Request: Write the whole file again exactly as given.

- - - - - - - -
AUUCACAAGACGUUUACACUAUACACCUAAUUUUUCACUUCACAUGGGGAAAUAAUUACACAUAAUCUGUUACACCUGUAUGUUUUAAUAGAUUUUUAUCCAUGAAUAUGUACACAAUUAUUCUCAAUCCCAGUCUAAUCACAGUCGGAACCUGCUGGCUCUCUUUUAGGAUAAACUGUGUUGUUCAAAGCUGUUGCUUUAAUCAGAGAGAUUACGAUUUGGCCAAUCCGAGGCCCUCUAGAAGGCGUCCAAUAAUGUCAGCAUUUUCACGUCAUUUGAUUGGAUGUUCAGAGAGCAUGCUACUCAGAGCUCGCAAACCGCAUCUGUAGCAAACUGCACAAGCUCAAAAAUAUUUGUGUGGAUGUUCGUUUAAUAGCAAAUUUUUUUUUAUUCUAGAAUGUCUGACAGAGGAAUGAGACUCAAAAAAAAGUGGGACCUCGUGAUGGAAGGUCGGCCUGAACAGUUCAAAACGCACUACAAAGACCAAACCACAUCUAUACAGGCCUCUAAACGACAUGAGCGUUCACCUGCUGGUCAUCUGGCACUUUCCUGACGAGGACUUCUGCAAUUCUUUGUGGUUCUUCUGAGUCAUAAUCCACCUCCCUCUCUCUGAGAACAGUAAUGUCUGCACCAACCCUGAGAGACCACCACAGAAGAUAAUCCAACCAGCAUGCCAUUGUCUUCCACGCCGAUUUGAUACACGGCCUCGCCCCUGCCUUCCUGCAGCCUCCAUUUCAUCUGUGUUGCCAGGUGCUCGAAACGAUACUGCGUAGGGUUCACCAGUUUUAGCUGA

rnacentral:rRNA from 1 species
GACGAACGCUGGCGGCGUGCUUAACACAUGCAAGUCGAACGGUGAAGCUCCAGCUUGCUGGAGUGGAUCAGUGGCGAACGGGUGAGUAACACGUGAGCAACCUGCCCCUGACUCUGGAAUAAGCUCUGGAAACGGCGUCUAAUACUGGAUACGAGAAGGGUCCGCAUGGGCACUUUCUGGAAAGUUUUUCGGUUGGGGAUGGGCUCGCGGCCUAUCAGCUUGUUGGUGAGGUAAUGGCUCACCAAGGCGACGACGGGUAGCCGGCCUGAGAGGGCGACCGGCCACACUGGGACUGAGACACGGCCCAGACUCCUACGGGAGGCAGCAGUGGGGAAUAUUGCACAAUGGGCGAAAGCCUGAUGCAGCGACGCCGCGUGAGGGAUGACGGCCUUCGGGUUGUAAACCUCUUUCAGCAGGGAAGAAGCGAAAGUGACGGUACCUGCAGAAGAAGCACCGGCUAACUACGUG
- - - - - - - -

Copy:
AUUCACAAGACGUUUACACUAUACACCUAAUUUUUCACUUCACAUGGGGAAAUAAUUACACAUAAUCUGUUACACCUGUAUGUUUUAAUAGAUUUUUAUCCAUGAAUAUGUACACAAUUAUUCUCAAUCCCAGUCUAAUCACAGUCGGAACCUGCUGGCUCUCUUUUAGGAUAAACUGUGUUGUUCAAAGCUGUUGCUUUAAUCAGAGAGAUUACGAUUUGGCCAAUCCGAGGCCCUCUAGAAGGCGUCCAAUAAUGUCAGCAUUUUCACGUCAUUUGAUUGGAUGUUCAGAGAGCAUGCUACUCAGAGCUCGCAAACCGCAUCUGUAGCAAACUGCACAAGCUCAAAAAUAUUUGUGUGGAUGUUCGUUUAAUAGCAAAUUUUUUUUUAUUCUAGAAUGUCUGACAGAGGAAUGAGACUCAAAAAAAAGUGGGACCUCGUGAUGGAAGGUCGGCCUGAACAGUUCAAAACGCACUACAAAGACCAAACCACAUCUAUACAGGCCUCUAAACGACAUGAGCGUUCACCUGCUGGUCAUCUGGCACUUUCCUGACGAGGACUUCUGCAAUUCUUUGUGGUUCUUCUGAGUCAUAAUCCACCUCCCUCUCUCUGAGAACAGUAAUGUCUGCACCAACCCUGAGAGACCACCACAGAAGAUAAUCCAACCAGCAUGCCAUUGUCUUCCACGCCGAUUUGAUACACGGCCUCGCCCCUGCCUUCCUGCAGCCUCCAUUUCAUCUGUGUUGCCAGGUGCUCGAAACGAUACUGCGUAGGGUUCACCAGUUUUAGCUGA

rnacentral:rRNA from 1 species
GACGAACGCUGGCGGCGUGCUUAACACAUGCAAGUCGAACGGUGAAGCUCCAGCUUGCUGGAGUGGAUCAGUGGCGAACGGGUGAGUAACACGUGAGCAACCUGCCCCUGACUCUGGAAUAAGCUCUGGAAACGGCGUCUAAUACUGGAUACGAGAAGGGUCCGCAUGGGCACUUUCUGGAAAGUUUUUCGGUUGGGGAUGGGCUCGCGGCCUAUCAGCUUGUUGGUGAGGUAAUGGCUCACCAAGGCGACGACGGGUAGCCGGCCUGAGAGGGCGACCGGCCACACUGGGACUGAGACACGGCCCAGACUCCUACGGGAGGCAGCAGUGGGGAAUAUUGCACAAUGGGCGAAAGCCUGAUGCAGCGACGCCGCGUGAGGGAUGACGGCCUUCGGGUUGUAAACCUCUUUCAGCAGGGAAGAAGCGAAAGUGACGGUACCUGCAGAAGAAGCACCGGCUAACUACGUG